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Winter Travel
Mustique and St. Barts
Mustique and St. Barts are known for their spectacular private villas, so why haven't you ever rented one? It may be cheaper than you think.
BY TARA MANDY
 
Home alone: A private pool at Obsidian, a rental villa on Mustique. (Photo by A&C Anthology)
Would-be island travelers seeking tranquil relaxation often shy away from the bustle and excitement of the grander Caribbean resorts. For these vacationers, there is a more serene — and surprisingly affordable — alternative: Rent your own island home. Most Caribbean destinations have houses available for short rentals, but St. Barts and Mustique are particularly well suited for a villa vacation. Though widely disparate in cultures (St. Barts is French; Mustique is British) as well as in their amenities (St. Barts has 60 restaurants and at least as many boutiques; Mustique has one full-scale restaurant and one rather dinky boutique), these two exclusive getaways both offer renters luxurious accommodations and absolute privacy.

When choosing a temporary home from among the 200-plus rentals available on St. Barts, you have to weigh your priorities. Do you prefer to be directly on the beach (these are the scarcest and therefore the priciest villas) or up in the hills with a panoramic view? Do you need a pool, or will you spend most of your day by the ocean? Will you be cooking at home — indeed, do you want a private chef? — or do you prefer dining out? In this way, you can custom-design your own island experience. WIMCO (800-932-3222) leases most of St. Barts's villas, and its rentals start at $1,350 per week for a one-bedroom and climb to $24,000 for a five-bedroom (which, when divided among ten guests, is still pretty reasonable).

Getting to your St. Barts home-away-from-home can be stressful, considering you land on what has to be the world's shortest runway, then have to drive a tiny rental — usually the minuscule SmartCar — on narrow roads. But once you've settled in, villa life is sublime. You can sleep late, or at least linger in bed long enough to appreciate the unmarred views of the sea you'll likely have from your bedroom. Have breakfast on the terrace — if you were careful enough to choose a villa with an outdoor eating area — then drive to any of twenty serene beaches. Swim, read, ogle the gorgeous French vacationers. Break for lunch — a long lunch — and at least consider the $70 lobster special at the Lafayette Club. Spend the afternoon shopping the classics — Hermès, Bulgari, Cavalli — or just let Stéphane et Bernard show you their handpicked Thierry Muglers and Gaultiers.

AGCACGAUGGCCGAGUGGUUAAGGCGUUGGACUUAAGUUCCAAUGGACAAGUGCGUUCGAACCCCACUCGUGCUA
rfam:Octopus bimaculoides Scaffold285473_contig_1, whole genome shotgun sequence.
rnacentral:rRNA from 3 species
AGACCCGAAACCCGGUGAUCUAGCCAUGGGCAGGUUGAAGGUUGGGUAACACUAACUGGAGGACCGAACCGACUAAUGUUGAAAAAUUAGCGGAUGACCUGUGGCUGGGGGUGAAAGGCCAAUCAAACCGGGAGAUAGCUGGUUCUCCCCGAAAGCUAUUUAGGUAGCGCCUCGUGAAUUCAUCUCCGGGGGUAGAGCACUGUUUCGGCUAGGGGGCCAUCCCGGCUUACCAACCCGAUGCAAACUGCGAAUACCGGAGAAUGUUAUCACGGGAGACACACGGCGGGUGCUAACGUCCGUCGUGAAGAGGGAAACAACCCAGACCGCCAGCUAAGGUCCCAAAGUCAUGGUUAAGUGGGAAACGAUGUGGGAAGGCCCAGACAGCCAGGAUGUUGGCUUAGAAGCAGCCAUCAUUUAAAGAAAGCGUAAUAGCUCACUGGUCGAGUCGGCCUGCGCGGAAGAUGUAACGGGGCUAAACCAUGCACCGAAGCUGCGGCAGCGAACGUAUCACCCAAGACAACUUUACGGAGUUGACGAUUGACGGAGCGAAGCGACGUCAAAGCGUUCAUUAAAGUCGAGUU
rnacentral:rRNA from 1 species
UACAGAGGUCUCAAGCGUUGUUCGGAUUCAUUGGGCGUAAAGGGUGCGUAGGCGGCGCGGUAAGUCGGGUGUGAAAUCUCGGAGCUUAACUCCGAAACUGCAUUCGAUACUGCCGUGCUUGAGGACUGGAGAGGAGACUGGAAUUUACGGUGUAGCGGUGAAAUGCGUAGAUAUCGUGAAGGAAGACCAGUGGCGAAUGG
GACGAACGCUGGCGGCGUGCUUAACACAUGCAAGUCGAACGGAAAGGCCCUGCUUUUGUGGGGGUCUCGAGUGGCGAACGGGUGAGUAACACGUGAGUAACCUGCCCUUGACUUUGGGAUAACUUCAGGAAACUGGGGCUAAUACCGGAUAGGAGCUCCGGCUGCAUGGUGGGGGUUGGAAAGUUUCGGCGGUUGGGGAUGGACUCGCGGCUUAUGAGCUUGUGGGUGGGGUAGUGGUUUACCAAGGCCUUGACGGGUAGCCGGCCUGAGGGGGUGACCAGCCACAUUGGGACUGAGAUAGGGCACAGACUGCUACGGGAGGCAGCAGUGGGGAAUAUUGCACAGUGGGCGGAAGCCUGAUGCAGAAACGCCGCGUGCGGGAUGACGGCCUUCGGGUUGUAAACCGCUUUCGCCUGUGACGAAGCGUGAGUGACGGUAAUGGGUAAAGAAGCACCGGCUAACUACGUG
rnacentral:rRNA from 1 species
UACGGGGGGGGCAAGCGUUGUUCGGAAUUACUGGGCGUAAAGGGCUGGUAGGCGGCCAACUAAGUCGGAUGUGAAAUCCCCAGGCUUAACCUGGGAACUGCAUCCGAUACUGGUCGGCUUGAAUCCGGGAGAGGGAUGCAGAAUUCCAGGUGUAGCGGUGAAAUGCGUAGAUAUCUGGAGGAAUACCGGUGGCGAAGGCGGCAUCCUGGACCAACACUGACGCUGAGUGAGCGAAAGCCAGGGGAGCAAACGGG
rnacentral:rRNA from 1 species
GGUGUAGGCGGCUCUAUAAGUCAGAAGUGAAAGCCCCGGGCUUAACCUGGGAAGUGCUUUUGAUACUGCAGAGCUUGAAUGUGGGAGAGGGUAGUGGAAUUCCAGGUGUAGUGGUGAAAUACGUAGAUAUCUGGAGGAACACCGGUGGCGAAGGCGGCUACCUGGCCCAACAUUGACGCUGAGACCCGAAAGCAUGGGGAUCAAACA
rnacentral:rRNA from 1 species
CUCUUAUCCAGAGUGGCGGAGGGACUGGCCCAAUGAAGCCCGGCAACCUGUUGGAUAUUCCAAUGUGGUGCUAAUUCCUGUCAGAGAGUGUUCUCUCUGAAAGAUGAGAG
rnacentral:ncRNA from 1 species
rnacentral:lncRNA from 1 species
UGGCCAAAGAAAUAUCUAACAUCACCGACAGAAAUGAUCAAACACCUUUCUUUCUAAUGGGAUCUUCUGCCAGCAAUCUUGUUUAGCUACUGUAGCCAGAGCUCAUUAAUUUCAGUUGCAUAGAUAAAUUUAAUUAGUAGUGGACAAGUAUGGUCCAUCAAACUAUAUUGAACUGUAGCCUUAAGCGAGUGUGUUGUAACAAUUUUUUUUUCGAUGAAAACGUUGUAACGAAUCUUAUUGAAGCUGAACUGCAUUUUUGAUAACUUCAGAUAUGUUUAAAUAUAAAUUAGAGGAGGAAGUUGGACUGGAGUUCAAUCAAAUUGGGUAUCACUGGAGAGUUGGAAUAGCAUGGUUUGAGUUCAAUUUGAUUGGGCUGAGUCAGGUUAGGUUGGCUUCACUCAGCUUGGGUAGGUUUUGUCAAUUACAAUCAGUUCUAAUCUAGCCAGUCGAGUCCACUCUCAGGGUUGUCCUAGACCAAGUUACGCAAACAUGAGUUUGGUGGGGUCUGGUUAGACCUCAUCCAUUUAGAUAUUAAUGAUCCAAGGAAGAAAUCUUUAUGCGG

Heaven rent: A bedroom in a St. Barts villa. (Photo by A&C Anthology)

Mustique is a considerably quieter, much less flashy getaway, where no one cares if you're toting last season's bag and unruly hair doesn't feel ridiculous. Unlike on St. Barts, entertainment venues and restaurants are limited, so you'll be spending a lot more time in your villa. So choose wisely. This is not a difficult task, however, since all of the 57 available rentals — as well as the island itself — are managed by the Mustique Company, a consortium of owners that ensures each villa meets strict aesthetic standards. Every house automatically comes with a full staff (butler, maid, and cook), and almost all have private pools. Mustique villas range from $6,500 per week for two-bedrooms to $30,000 for a seven-bedroom palace that sleeps fourteen. Call the Mustique Company (784-458-4621) for details.

Days on this lush British isle may be less glitzy, but they are no less indulgent than on St. Barts. After discussing the day's menu with your chef (cooking talents range from good to very good, with the exception of the Eric Ripert-trained chef at L'Ansecoy — owned by Le Bernardin's Maguy Le Coze — who is excellent), you might go to the beach, though a poolside butler isn't easy to turn down. Either way, you'll eventually be served lunch — at your villa or on the beach, picnic-style. Before dinner, a crowd gathers at Basil's Bar to sip fruity drinks like the Mustique Smile and watch for the elusive "green flash," a brilliant, second-long display of light that occasionally graces the horizon at sunset. Nightlife is limited to house parties, so it behooves renters to charm their temporary neighbors, either on the beach or at the cocktail party hosted by the Mustique Company every Tuesday evening at the Cotton House Hotel.

 

Details
• Dining out in St. Barts: François Plantation (590-29-80-22) and Le Toiny (590-27-88-88) are great for traditional French cuisine; Le Ti St. Barts attracts a young, lively crowd who will most likely dance on the tables by night's end (590-27-97-71); and Maya's serves up fresh, light fare (590-27-75-73). New St. Barts restaurants this year include L'Esprit (590-52-46-10) and Do Brazil (590-50-96-58).

• On Mustique, there's the Cotton House Hotel (784-456-4777) and Basil's Bar (784-456-3405).

• American Airlines (800-433-7300) flies nonstop to St. Martin, then it's a ten-minute flight to St. Barts on Winair (599-545-4237).

• To get to Mustique, fly nonstop to Barbados, then take a 45-minute flight on Mustique Airways (800-526-4789).
   
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    From the November 5, 2001 issue of New York Magazine.